Jeff Callaway drops out of UCP race, alleges bullying from man falsely characterized as Brian Jean appointee

Jeff Callaway (left) has dropped out of the UCP race to endorse Jason Kenney (right). Provided by Jason Kenney campaign

Former Wildrose Party president Jeff Callaway has dropped out of the United Conservative Party (UCP) leadership race in a move one political analyst suggests is “suspicious.” Callaway has also linked allegations of bullying to Brian Jean, which Jean’s campaign has refuted.

A newsletter sent to Callaway’s email list, just hours after the news was made public, said he wanted the membership to be “made aware” of an intimidating email he received last week.

But Wednesday afternoon, Callaway told Global News that the “bullying” email had nothing to do with his decision to step out of the leadership race.

“I received an intimidating email from Brandon Swertz, a Brian Jean-appointee to the United Conservative Party (UCP) Interim Joint Board (IJB), who is obligated to remain neutral in the leadership process,” reads the newsletter.

“The email in question, in which he also criticized some of my ideas, ends with a threat: “if [he] were not on the IJB [he] would spend some $$ and pound a few nails in [my] coffin.

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“Obviously Mr. Swertz is not upset with my ideas, he’s upset that I have been speaking out about the Wildrose’s $322,000 caucus deficit, which has resulted in staff layoffs,” it reads.

Callaway’s newsletter suggests the language is meant to “bully and intimidate me and my campaign.”

“It’s unfortunately characteristic of many of Brian’s most loyal supporters who are angry about me shedding light on the track record of Brian Jean during his time as leader of the Wildrose.”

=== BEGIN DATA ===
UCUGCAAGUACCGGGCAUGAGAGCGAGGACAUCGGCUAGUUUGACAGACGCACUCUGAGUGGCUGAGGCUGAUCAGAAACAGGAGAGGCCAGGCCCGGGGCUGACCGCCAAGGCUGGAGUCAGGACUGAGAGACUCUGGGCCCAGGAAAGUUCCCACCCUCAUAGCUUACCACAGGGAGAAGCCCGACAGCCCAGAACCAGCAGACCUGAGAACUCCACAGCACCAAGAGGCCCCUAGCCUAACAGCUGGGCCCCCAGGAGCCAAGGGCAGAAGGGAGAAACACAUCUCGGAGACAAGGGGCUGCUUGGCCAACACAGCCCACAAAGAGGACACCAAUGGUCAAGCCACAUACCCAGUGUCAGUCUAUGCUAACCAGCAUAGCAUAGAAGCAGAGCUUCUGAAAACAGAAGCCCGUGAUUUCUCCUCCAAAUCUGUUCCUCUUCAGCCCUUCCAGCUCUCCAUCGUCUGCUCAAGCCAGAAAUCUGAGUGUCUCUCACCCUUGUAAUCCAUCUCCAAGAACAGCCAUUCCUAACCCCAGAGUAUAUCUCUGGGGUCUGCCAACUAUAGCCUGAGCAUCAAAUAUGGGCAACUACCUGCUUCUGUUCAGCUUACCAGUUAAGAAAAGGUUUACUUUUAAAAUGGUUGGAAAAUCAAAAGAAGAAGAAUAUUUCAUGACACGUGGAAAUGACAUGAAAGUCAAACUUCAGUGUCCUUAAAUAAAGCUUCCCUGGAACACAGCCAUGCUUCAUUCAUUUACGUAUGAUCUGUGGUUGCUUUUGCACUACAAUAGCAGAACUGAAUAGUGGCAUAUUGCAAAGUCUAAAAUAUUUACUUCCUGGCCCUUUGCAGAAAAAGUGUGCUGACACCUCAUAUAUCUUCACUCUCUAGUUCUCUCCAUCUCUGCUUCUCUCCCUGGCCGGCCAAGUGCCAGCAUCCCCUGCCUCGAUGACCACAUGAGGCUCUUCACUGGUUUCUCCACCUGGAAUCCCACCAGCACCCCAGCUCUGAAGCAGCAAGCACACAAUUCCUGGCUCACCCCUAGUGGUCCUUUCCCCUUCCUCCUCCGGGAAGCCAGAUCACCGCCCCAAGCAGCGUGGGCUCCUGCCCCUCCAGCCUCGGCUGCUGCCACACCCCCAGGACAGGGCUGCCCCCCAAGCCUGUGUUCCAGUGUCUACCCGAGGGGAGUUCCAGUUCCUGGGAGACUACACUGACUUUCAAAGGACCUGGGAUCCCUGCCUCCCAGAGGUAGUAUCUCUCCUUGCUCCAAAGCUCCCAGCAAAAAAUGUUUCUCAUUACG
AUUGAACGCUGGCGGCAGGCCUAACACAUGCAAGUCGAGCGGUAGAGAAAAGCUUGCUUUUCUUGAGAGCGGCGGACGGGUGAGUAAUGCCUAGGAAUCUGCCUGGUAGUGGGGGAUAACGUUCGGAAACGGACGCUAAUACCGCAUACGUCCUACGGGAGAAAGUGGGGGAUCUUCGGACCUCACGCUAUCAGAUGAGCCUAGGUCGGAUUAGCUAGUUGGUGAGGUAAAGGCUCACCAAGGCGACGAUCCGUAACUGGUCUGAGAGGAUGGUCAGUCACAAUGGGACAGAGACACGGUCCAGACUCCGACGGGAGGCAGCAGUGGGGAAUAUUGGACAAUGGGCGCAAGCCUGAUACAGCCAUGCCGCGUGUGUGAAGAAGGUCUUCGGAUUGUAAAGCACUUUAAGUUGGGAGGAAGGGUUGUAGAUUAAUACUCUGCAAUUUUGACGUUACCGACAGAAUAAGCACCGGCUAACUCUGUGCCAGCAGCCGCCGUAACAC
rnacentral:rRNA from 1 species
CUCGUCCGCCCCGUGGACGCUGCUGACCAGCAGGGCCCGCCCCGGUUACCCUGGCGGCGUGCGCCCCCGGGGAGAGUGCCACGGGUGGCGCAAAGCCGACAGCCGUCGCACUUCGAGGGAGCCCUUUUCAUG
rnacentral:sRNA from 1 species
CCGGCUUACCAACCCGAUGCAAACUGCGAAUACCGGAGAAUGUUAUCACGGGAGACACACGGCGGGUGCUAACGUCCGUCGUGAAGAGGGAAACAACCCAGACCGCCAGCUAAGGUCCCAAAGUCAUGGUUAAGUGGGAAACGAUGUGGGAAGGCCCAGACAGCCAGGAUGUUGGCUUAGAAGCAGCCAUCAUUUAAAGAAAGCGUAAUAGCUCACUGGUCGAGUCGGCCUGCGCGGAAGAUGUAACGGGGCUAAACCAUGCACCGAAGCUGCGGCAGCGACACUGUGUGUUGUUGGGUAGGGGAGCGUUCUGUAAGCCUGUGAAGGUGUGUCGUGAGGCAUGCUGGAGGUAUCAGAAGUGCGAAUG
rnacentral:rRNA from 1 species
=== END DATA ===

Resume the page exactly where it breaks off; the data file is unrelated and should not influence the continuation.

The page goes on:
Callaway said he has requested a written apology from Swertz and his resignation from the IJB.

‘Swertz was not a Brian Jean appointee’: Jean campaign

The Brian Jean campaign told Global News Swertz was not a Jean appointee.

“In fact, all of the people selected for the Interim Joint Board (IJB) from the Wildrose side of things were elected by the executive committee of the Wildrose, where Brian only had a single vote,” reads a statement.

“It was in fact Jeff Callaway who initiated the motion in support of Mr. Swertz and the others selected for the Interim Joint Board.”

The campaign spokesperson also directed Global News to a June tweet from Callaway that congratulated Jean for his “commitment to grassroots elections” and a retweet of Jean that Callaway posted to his followers, which said: “Big thank you to #wrp executive for endorsing the Unity AiP and for agreeing to slate of Wildrose members to form the Unity committees.”

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READ MORE: UCP candidate Jeff Callaway urges Alberta to buy port of Churchill to spur oil sales

UCP executive director Janice Harrington also told Global News Swertz was not a Brian Jean appointee.

“Brandon was nominated by the Wildrose board and then his appointment was ratified by the members,” Harrington said.

Former campaign manager Randy Kerr told Global News Callaway announced his decision to step out of the race at an event Wednesday morning in Red Deer.

Callaway plans to endorse Jason Kenney for the party leadership, but they don’t seem to agree on why Callaway abandoned his leadership bid.

Listen: Jeff Callaway explains his decision to drop out of the UCP leadership race